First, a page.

Last night I watched Channel Ten!

12 May

Oh yes. I did give that funny Indian game the flick, but somewhere between the wall-to-wall commercials, which is the REAL program I suspect, I did see the snippets of shouting cheerers counting down the first Big Brother Eviction for 2008. A UFO enthusiast with tatts and attitude got the chop, but I have to say there actually was a nice back story there about this young man being a little bit wiser about Asians and effeminate men as a result of his incarceration. That effect can’t be all bad.

Then of course there is Corey Worthington. I couldn’t help warming to him just a bit; after all last summer he did give Tabloid TV exactly what it deserved, though he has himself been sucked into the trough. Mind you, I think he will go far, that lad; he is certainly not backward at taking what he can from the odd celebrity he finds himself enjoying, given that he really is quite ordinary in most respects.


The blog from which I took that (linked to pic) is a bit unfair calling him a “dumb maggot”; he isn’t entirely stupid and he is seventeen. That he is even there, of course, says a lot about the commercial media, rather more than about him; on the other hand he had hoped, or so he says, that being on BB would give people a chance to judge him as he is, rather than as the media have created him. Some truth in that.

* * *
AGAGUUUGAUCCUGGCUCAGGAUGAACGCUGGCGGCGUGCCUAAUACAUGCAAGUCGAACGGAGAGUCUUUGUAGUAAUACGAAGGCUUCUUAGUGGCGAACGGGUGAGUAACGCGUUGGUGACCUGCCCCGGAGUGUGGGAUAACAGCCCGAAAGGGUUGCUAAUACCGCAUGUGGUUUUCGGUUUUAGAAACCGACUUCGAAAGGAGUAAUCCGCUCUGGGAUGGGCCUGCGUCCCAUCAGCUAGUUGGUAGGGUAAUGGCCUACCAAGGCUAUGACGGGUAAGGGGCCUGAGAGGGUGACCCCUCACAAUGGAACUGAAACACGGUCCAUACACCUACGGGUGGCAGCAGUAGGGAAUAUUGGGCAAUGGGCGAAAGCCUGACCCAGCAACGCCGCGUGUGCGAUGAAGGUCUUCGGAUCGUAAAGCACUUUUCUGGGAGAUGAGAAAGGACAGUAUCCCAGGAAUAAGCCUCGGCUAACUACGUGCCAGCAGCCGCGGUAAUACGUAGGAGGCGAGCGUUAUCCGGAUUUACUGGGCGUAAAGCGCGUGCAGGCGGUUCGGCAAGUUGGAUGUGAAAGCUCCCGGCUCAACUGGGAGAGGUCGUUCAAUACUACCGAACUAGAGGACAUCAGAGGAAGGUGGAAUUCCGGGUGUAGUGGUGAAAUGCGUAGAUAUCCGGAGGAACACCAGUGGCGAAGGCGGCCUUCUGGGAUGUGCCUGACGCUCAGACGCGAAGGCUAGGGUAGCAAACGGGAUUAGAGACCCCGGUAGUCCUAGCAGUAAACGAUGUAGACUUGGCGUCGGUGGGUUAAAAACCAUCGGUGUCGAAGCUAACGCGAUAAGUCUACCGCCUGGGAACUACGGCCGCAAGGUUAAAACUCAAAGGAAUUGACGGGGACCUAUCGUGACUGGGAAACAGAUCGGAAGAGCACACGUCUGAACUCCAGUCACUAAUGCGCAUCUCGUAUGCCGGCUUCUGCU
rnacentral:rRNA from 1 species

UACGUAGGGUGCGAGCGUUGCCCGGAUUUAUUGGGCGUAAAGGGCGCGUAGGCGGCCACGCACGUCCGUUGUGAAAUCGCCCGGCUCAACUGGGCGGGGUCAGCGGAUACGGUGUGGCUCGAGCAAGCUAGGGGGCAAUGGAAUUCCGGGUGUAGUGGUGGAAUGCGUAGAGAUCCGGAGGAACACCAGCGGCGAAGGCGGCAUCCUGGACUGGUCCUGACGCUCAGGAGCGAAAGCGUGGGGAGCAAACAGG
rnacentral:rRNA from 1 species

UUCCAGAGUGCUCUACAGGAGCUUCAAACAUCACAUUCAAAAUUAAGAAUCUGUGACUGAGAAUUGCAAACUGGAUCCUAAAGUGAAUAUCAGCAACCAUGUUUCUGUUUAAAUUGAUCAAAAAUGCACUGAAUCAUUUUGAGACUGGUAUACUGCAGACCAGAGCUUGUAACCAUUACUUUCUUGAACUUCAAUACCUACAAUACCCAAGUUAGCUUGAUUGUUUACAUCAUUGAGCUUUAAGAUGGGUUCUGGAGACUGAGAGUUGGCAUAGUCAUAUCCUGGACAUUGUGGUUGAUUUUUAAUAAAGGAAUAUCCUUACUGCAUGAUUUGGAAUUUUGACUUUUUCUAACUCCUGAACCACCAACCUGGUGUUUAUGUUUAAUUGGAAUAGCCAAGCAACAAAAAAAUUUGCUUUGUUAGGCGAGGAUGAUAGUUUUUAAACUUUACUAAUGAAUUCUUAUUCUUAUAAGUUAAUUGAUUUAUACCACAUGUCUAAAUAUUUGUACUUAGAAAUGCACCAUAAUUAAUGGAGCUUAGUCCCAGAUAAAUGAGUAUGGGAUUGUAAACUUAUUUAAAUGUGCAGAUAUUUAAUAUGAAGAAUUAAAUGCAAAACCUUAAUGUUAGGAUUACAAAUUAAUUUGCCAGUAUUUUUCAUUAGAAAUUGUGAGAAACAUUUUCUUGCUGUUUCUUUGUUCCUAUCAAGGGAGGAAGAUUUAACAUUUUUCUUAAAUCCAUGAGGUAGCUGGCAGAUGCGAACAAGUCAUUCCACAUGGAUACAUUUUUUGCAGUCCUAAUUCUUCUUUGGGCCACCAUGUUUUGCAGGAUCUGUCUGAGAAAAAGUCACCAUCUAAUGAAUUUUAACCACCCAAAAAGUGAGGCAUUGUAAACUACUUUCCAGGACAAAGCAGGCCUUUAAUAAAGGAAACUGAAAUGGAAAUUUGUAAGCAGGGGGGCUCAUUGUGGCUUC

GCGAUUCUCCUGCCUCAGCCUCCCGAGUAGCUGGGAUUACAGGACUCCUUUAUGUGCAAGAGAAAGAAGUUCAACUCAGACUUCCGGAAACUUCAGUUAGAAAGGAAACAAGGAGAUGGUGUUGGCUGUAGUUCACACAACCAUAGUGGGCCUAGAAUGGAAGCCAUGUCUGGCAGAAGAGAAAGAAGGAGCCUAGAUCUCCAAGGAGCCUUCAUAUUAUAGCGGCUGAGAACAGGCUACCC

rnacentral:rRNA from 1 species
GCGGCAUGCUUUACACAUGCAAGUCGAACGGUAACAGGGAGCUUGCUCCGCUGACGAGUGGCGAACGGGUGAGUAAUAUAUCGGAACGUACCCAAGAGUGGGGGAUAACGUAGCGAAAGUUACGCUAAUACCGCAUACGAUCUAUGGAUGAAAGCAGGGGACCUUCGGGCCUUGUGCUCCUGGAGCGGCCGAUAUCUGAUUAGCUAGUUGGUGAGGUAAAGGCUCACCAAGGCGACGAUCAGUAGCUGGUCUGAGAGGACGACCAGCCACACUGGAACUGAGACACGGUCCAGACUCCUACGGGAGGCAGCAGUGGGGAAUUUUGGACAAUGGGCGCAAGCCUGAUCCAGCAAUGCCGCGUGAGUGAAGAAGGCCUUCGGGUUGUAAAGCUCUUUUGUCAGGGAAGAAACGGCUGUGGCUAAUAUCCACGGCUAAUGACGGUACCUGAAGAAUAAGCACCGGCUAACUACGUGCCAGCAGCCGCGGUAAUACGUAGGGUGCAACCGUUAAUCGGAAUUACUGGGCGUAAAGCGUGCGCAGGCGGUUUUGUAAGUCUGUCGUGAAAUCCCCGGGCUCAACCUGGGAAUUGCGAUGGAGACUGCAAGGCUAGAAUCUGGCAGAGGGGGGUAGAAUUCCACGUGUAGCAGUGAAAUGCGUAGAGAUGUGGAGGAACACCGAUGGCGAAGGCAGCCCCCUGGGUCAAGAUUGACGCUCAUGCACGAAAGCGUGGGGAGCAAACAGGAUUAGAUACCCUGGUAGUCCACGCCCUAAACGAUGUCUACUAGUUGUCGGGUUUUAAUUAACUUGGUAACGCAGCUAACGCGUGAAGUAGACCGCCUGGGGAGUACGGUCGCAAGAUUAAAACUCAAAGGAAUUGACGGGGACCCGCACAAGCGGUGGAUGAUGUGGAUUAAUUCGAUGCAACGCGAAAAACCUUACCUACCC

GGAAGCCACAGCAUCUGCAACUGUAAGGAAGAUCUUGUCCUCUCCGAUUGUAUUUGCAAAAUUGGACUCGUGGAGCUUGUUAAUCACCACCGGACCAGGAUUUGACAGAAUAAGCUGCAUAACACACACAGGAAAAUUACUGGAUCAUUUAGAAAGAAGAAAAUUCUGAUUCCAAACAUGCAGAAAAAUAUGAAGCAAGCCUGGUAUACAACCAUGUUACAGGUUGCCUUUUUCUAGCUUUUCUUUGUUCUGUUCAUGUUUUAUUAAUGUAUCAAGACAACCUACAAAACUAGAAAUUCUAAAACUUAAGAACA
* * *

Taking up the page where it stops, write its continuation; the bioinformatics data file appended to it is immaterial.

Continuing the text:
I have found some of the blogs on the subject more interesting than the show itself. Two examples: Archetypes in the BB08 House and Eye on Big Brother. It is possible to watch Big Brother and keep your brain intact, it seems; I suppose it is a kind of laboratory of the human condition, if you want to see it that way. I still find it an ethical dilemma myself, and not exactly a sign of a healthy culture.

Mind you, people would be far better off watching Big Brother than reading some blogs: for example…

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One response to “Last night I watched Channel Ten!

  1. James Russell

    May 15, 2008 at 7:17 pm

    Sorry Neil, but engaging in what is only a publicity stunt by going on a television show, particularly something as grossly artificial as Big Brother, letting yourself be pretty much locked up in a building with TV cameras on you at all times, and expecting “the real you” (as opposed to some personality the producers of the program will concoct for the audience) will shine through and people will suddenly like you after making such a public tool of yourself speaks to me of gross naivete at best and, yes, dumb maggotry at worst. Mind you, it says even less for his parents that they’re letting their child be exploited in this fashion…

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